Thomas chose to sign up with the Artists Rifles. You may think, “What an odd name? What’s up with that?” Well, it was what it sounds like. It was founded about 50 years earlier by some painters who wanted to start their own volunteer military unit. It saw action in some of the British colonialist battles before WWI, and in-between it was sort of a shooting club, a weekend-warrior kind of thing. Sound like an old-school-tie/old-boys club? I guess it was. Even during WWI it was invitation-only from existing members. So what happened with it during WWI? It produced junior officers, the kind of lieutenants and scouts that would account for the unit having some of the highest casualty rates in the war. So, there you have it: an exclusive club where the winnowing greeter is waving you in to the trenches and a mechanized manure-spreader of a war.

Busts of Mars and Minerva are featured in the unit’s insignia. “Artists Rifles” sounds kin to Sex Pistols or Guns & Roses, doesn’t it?

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While still in England and in training with his unit, Thomas was able to mix with his circle of friends. He shipped out to France in 1917. He was killed a few weeks later, during what he thought was a lull in the battle. A late shell or sniper got him. He’d written about 100 poems, none of them published at the time of his death. His friends, other poets, wrote elegies. I know of at least three. Here’s a link to a post on another admirable blog, Fourteen Lines, which includes two of those elegies to Thomas.

One of them is by Robert Frost. Re-reading it again I think, Frost must have been so grief stricken that he’d forgotten to be Robert Frost. It’s filled with the kind of fustian crap, romanticism, and poetic diction that Frost the rhyming Modernist was all about throwing off. I tend to forget the poems that don’t give me strong pleasures, so maybe I’m overlooking something, but this elegy may be the worst poem Robert Frost ever wrote. By the time I got to “You went to meet the shell’s embrace of fire” I was through with Frost’s attempt.

Oh, if he could have concentrated on the concrete, the palpable. He may not have known it, but the records of the British military recorded the meagre personal effects found on Thomas’ body: a small notebook/journal, a watch, a compass, a copy of Shakespeare poems…and “Mountain Interval,”  one of Frost’s poetry collections now published in an expanding career in the United States.

So, to end the story of Edward Thomas, who found himself as a poet in middle age writing about how England changed as war arrived, only to die in that war, I chose to perform the second one in Fourteen Lines’ post “Easter Monday (In Memoriam E. T.)”  by Eleanor Farjeon. Farjeon, like yesterday’s Edna Clarke Hall, was a young woman enamored of Thomas** who like Frost and Hall enjoyed walks with Thomas in the countryside. While few Americans are familiar with any of Thomas’ poems,*** Farjeon wrote the lyrics to the hymn song “Morning Has Broken”  which became famous on the back of a Yusef Cat Stevens 1971 performance, and as I write this it may be being sung in an Easter service in my country. So, many Americans know a Farjeon poem, but since Yusef Cat Stevens was known as a songwriter, most probably think he  wrote the words.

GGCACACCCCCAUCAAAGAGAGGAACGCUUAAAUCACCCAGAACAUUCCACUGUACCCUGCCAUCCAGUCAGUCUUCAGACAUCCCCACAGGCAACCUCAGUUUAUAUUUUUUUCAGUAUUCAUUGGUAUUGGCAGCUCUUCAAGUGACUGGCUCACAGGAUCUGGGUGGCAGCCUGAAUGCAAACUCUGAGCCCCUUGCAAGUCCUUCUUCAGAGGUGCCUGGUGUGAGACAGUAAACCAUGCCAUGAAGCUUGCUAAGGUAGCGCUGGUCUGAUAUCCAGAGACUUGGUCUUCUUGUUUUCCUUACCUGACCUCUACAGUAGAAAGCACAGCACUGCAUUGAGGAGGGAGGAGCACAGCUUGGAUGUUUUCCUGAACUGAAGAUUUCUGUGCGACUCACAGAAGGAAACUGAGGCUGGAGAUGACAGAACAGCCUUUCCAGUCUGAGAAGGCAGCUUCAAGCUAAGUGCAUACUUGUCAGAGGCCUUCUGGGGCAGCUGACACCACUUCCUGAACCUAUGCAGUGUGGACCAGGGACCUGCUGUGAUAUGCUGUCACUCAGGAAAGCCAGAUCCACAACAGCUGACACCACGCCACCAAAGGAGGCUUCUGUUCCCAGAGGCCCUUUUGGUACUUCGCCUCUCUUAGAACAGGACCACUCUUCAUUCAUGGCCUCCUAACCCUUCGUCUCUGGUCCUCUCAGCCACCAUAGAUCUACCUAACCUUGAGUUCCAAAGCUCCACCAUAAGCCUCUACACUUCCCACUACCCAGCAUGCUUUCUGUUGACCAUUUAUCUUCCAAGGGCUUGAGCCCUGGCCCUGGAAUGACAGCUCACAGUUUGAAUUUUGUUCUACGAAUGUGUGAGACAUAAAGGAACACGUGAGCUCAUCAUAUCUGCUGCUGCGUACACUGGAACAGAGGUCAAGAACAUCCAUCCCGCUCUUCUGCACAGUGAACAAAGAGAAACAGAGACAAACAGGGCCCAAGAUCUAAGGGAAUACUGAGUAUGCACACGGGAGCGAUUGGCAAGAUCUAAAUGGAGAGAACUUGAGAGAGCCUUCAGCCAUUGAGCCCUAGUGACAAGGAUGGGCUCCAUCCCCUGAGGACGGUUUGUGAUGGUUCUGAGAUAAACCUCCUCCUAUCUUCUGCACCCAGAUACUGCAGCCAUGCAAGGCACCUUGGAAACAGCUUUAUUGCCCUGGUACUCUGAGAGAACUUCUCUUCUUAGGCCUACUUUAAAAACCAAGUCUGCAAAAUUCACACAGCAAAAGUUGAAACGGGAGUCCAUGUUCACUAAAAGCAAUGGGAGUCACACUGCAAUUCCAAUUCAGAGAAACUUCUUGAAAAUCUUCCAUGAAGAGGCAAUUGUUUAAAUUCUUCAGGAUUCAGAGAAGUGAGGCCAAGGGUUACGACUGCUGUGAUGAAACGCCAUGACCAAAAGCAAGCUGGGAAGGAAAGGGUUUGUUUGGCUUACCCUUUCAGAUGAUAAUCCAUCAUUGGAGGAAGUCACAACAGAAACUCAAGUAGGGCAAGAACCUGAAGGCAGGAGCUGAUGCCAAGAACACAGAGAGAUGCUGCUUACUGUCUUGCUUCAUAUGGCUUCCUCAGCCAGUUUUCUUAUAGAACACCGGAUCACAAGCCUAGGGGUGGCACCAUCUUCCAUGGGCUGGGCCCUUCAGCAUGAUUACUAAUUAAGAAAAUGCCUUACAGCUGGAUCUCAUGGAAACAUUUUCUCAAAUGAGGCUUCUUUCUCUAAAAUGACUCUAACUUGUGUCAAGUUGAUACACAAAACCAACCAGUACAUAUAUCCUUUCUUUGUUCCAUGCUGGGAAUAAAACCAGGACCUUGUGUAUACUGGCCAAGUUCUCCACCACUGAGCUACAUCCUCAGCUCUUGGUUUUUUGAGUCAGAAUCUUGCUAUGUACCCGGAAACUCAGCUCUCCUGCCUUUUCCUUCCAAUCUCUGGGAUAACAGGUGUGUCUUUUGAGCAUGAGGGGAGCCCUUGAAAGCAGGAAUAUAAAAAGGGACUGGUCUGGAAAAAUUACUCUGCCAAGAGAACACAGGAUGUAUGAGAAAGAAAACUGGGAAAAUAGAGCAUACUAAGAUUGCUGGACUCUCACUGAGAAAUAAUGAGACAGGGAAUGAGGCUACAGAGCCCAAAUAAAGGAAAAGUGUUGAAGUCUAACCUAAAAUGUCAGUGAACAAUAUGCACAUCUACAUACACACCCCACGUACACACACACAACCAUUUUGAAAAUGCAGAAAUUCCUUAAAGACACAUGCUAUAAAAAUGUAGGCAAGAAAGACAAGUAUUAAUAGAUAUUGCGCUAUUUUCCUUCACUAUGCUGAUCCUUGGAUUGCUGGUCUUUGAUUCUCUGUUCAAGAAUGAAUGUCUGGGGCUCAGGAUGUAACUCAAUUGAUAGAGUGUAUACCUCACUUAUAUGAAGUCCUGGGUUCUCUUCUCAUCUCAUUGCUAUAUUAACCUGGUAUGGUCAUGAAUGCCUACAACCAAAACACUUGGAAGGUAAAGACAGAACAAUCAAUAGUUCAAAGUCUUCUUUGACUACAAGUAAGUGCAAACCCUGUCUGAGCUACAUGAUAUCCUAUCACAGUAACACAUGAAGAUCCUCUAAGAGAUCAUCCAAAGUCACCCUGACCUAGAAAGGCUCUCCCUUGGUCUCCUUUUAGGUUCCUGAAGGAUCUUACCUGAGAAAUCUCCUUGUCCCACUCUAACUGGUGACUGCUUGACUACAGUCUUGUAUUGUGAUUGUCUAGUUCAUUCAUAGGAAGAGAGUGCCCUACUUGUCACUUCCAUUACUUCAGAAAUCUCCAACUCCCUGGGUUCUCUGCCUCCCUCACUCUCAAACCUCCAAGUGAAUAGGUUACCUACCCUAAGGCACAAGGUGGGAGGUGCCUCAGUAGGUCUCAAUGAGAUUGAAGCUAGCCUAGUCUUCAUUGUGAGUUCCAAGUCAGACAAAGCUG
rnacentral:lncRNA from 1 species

Farjeon’s elegy for Thomas doesn’t’ make the mistakes Frost made. It begins as particular and offhand as Frank O’Hara’s masterpiece elegy “The Day Lady Died.”   I don’t know if it’s intended, but after yesterday’s poem of Thomas’ “Gone, Gone Again”   Farjeon picks up with Thomas’ love for apples, speaking of a package of English apples she’d sent to him at the front and of the budding apple trees in the orchard around her. Like “Morning Has Broken,” “Easter Monday”  starts in Eden, and where can we go from there?

The oblique grief of her last line? What can I say…

I may or may not do a lyric video for this one, but you can hear my performance of Eleanor Farjeon’s “Easter Monday (In Memoriam E. T.)”  two ways now. There’s a graphical player below for some, and for those without the ability to see that, this highlighted link.

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*It hadn’t occurred to me, but some have pointed out that a steady paycheck, even if soldier’s pay, may have been one of Thomas’ motivations. His freelance writing work was always running to catch up with the bills.

**Thomas’ wife was open to these relationships, and was friends with Hall and Farjeon before and after Edward’s death. As I said last time, Edward Thomas’ emotional and love life would make a fascinating TV series.

***In England, Thomas is better-known. “Adlestrop”  often ranks in best-loved poem surveys there.

Gone, Gone Again for National Poetry Month

We continue today our National Poetry Month series where we re-release some of our favorite performances from the early days of this Project in the hopes that more ears will be able to hear them. Today’s piece steps forward a couple of years from yesterday’s, where in “Adlestrop”  British poet Edward Thomas had written with beautiful attention about the sweet nothingness of a day of peace while the precipitating event of World War I was only hours away.